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Earl Russell: We in this Chamber know perfectly well that disabled people are often eager to work and do so with great distinction. However, the range of work that they are able to do is inevitably reduced. For that reason the requirement of actively seeking work may become rather onerous. Perhaps the ability to work depends upon transport arrangements that may involve a carer or upon the job of a particular type becoming available which is consistent with the particular physical handicap. To require them to go about actively seeking work on a regular basis, when in that week there may not be any work that they can sensibly seek, is not a productive use of everybody's time.

I believe that the same argument applies to Amendment No. 78. That amendment allows a disabled person to keep the own occupation test for rather longer than others. The own occupation test is particularly important for somebody with a disability. He or she will have learnt all of the adjustments to carry on a particular type of job with a particular type of handicap. When you move the individual outside that situation a new learning process has to be gone through. Inevitably, that will take time. To give them a little longer in their own occupation test makes a good deal of sense. I am happy to support these amendments, and I hope that the Minister will take them seriously.

Baroness Hollis of Heigham: I also wish to support Amendment No. 5 and speak also to Amendments Nos. 48 and 78. This is the first time this evening that we have had the opportunity to discuss one of the major concerns expressed all round the House at Second Reading. I refer to the interface between what many of us believe to be a very unpleasant jobseeker's Bill and a very harsh new incapacity benefit. Both pieces of legislation share a lot of common features. They are both marked by an increased severity of test. If one passes the test a reduction in benefit follows. The Minister has never justified why both hurdles are required. If the problem is that people inappropriately claim benefit, to make the test more harsh, as both pieces of legislation will do, should be sufficient. There is then no need to cut benefit because people will have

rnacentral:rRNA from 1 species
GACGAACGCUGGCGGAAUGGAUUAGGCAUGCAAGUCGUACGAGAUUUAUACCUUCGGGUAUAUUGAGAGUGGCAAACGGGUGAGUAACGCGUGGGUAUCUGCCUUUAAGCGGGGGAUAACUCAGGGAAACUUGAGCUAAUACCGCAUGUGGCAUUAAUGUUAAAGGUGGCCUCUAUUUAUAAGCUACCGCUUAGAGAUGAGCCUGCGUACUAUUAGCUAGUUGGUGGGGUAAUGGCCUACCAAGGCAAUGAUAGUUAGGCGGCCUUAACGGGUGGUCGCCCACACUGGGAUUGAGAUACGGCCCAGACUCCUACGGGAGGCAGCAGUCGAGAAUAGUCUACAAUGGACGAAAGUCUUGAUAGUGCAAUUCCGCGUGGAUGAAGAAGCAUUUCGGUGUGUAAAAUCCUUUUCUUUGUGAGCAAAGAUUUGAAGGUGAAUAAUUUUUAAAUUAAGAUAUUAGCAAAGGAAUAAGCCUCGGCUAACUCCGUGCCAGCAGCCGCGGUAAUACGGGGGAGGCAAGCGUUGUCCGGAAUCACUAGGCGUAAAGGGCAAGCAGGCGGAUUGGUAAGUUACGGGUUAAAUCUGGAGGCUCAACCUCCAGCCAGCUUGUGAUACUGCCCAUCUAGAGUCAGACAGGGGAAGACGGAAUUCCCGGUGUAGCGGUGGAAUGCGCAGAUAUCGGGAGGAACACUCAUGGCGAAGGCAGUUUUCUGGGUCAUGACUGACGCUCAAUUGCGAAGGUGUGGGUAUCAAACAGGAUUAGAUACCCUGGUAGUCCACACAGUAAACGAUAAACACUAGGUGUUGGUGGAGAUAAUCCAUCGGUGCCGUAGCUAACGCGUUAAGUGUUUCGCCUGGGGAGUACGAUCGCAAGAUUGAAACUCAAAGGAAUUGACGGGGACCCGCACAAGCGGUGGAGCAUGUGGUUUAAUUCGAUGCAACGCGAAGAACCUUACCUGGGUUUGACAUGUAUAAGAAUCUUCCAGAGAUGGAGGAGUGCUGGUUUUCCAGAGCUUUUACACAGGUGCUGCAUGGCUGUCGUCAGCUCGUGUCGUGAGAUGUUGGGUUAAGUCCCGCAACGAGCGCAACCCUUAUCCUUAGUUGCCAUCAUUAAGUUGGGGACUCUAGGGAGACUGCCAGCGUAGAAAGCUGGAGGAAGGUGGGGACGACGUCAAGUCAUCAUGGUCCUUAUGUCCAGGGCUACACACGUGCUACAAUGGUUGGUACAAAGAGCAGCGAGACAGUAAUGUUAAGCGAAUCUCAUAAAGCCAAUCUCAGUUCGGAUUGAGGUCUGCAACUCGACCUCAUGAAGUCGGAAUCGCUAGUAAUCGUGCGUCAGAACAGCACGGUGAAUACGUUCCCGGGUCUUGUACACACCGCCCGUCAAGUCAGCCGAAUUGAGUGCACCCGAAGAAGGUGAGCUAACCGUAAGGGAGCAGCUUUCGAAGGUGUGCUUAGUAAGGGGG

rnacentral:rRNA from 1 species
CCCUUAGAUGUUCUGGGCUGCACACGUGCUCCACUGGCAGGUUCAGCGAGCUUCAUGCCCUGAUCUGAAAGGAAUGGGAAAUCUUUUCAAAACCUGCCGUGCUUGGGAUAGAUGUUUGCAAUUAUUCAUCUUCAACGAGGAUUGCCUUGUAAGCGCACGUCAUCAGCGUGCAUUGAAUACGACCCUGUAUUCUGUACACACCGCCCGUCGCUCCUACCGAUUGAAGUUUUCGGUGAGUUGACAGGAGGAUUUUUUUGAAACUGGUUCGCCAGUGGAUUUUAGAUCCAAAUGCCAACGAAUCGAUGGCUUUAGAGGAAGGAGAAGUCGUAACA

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earned that benefit. But if the problem is that people claim the wrong benefit because either invalidity benefit or unemployment benefit is too generous, government can align the benefit without making the test more harsh. To go for both—increased severity of test and reduced adequacy of direct benefit—is doubly unpleasant. The worst effect of all of this will be felt by those people who lie at the interface between incapacity benefit and jobseeker's allowance.

We have heard nothing so far this evening to allay our fears —perhaps the Minister can do so this evening—that people who are refused incapacity benefit because they are regarded as being available to do some work may fail JSA on the actively seeking work or capability test, because in the judgment of benefit officers they are not able or willing to do enough work to meet the jobseeker's agreement. We believe that the Government have stumbled into a very simple mistake. They have adopted an either/or test. Either one is well or one is sick. If one is sick and, on the Government's test, one scores more than 15 points on functional aptitude, or 10 points on mental health, one receives incapacity benefit. If not, one gets JSA or nothing.